He is a hard man to figure out, and quite a study in contradictions. In 2017, he wanted to be president, then he didn’t. He appears arrogant, standoffish, a man hardened by his profession, but in his conference room, he is quite personable. And he listens to my questions, not cutting me off even once during the interview. When I requested him to clear his schedule for a sit down in a week’s time, he refused, adding that, “you don’t know what might happen between today and next week.” Instead, he asked me to get in touch with him on the day that I wanted to interview him and he made time. Sharply dressed in a blue shirt, red tie and grey slacks, he warmly greets me and settles in for the interview.
There is pride in his voice as he talks about his three children and his wife, Lady Justice Agnes Murgor. After the interview, he introduces me to his first child, Chero (short for Cherono), a lawyer who works at his firm. She’s quite engaging. The former DPP finds joy in the simple things such as the fresh crisp air in the countryside and long walks. With two of his children in university, he looks forward to family dinners where they can all reconnect.
At 58, Murgor isn’t thinking of retirement just yet. There is so much left to do to put the country right, he believes.
With your wife being Lady Justice Agnes Murgor, does pillow talk consist of court cases?
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The Lady Judge, whom I have a lot of admiration for, spends a lot of time writing notes even at home because she has a lot of work. She has a space in the house for herself where she works undisturbed. On my part, if I feel that I have to do any work, I have my own space. Mostly, we don’t talk shop. We can talk about a legal issues in the most general sense if it appeared in the newspaper. I will not talk about her work, and neither will she talk about mine. However, our eldest daughter, Cherono, who is a lawyer, might throw something at the dining table about work that she came across during the day. It will be discussed in a very general sense because there are other family members who are not lawyers. We don’t bore the household with law.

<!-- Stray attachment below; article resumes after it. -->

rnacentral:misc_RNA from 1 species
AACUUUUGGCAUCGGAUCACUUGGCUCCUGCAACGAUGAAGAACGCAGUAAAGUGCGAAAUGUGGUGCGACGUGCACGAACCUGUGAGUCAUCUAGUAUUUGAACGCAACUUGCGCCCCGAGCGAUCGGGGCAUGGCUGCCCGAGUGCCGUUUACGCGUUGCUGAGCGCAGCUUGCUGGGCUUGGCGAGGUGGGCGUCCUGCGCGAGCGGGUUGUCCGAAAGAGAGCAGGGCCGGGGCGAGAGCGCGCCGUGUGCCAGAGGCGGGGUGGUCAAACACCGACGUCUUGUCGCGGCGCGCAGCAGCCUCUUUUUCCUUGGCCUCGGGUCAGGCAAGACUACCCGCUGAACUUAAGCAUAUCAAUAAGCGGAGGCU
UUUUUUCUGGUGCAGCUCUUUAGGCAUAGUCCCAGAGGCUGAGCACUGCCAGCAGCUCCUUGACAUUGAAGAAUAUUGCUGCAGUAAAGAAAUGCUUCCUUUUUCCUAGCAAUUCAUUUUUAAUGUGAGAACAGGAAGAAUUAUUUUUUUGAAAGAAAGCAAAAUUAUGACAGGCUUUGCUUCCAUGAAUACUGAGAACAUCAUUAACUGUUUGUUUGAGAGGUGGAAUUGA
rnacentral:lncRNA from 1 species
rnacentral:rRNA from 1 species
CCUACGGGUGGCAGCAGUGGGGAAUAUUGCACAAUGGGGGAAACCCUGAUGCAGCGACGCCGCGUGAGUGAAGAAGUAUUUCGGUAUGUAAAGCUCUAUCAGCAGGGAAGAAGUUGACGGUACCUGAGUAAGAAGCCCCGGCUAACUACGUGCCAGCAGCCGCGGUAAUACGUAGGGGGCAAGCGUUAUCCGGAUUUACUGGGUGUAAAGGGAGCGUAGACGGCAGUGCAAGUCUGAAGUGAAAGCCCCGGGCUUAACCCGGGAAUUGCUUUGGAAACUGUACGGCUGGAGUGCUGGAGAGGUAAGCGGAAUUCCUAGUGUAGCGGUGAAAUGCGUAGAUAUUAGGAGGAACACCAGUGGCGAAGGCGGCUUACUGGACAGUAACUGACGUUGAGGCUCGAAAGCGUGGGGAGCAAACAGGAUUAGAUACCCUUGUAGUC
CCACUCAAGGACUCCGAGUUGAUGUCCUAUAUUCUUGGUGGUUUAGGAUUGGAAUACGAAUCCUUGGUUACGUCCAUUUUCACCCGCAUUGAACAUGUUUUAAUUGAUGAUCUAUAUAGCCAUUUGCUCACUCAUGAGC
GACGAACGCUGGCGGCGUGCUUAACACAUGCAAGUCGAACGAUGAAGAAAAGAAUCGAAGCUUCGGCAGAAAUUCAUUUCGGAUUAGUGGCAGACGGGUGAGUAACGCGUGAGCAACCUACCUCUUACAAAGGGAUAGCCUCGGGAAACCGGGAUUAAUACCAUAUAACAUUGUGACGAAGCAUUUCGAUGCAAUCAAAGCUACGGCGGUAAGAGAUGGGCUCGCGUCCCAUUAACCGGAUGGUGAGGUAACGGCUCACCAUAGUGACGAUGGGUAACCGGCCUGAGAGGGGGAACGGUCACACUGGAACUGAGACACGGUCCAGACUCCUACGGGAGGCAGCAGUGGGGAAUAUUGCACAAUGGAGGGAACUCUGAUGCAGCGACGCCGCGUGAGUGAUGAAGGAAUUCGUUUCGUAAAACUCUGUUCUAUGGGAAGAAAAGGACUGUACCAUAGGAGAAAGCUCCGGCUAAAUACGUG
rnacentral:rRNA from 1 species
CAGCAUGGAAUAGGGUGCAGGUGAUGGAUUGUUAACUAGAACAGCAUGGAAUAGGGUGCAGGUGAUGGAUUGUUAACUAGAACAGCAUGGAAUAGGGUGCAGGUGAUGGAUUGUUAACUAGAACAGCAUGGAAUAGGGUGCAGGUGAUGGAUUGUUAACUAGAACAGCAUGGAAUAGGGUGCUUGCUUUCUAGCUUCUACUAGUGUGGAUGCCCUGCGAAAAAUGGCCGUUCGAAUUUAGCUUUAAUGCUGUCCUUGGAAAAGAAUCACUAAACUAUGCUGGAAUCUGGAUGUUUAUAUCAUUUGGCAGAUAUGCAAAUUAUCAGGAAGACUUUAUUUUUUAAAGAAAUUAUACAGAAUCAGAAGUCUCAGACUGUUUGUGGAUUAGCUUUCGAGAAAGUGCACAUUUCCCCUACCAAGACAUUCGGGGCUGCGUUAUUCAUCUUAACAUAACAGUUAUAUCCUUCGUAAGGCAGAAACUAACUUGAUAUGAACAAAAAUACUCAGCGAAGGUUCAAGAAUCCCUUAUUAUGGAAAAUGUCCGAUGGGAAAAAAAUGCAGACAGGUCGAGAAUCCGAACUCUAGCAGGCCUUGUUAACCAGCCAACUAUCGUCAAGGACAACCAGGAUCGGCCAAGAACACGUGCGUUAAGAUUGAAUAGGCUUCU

What are your other two children studying?
My son, Kibet, is studying communication. Our youngest daughter, Celeste, is doing International Finance. They are lovely children. We enjoy great family times together. When we’re all at home, we try and eat together, and that’s when we catch up with each other at the dinner table.
How often do you vacation?
We only have one big vacation as a family – Christmas and the New Year. We travel to the country side for Christmas. It’s not only a tradition, but I have siblings who have sons and daughters my children’s age, so it’s a great coming together. Whenever we can afford it, we go to Mombasa for the New Year.
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Where is your favourite place to be?
In the countryside. I go almost every weekend. I look at what is happening in my little shamba and come back energised. There are those who play golf over the weekend, some eat nyama choma and beer, others sit and socialise, I go and farm. When I retire, it will be to a quiet, busy country life and visit the city from time to time. I love the countryside, I love traveling. I love walking in the open spaces, and I am not at peace when I am in the city.
Is there an unfulfilled ambition that you’re working towards?
You know you are talking like I am 85 (Laughs). I still have time. Holding public office, in key areas, is something that I would certainly think of as an option in order to try and help the country. I don’t rule out public office, or doing anything in the public space so that I can help – but remember that being a lawyer in itself is also serving the needs of society.
What has been the most defining moment of your life?
I have many events, but the one that was a real game-changer was in 1982. I was in university and was caught in the wave of arrests that followed the attempted coup. I was locked up for six months. For six months you are lying in a cell for 24 hours, except for a few minutes of sunlight every day. The 100-watt light bulb never goes off. You think about your past life and your future, if you will get out. That leaves a deep impression on you. Depending on how you’re built, this can give you a very positive or a very negative outlook on life. You can be very bitter, angry and frustrated for the rest of your life, but in my frame of mind, it made me think positively. I said that if I ever got out, I’d make sure that everything I did counted and was geared to helping somebody else.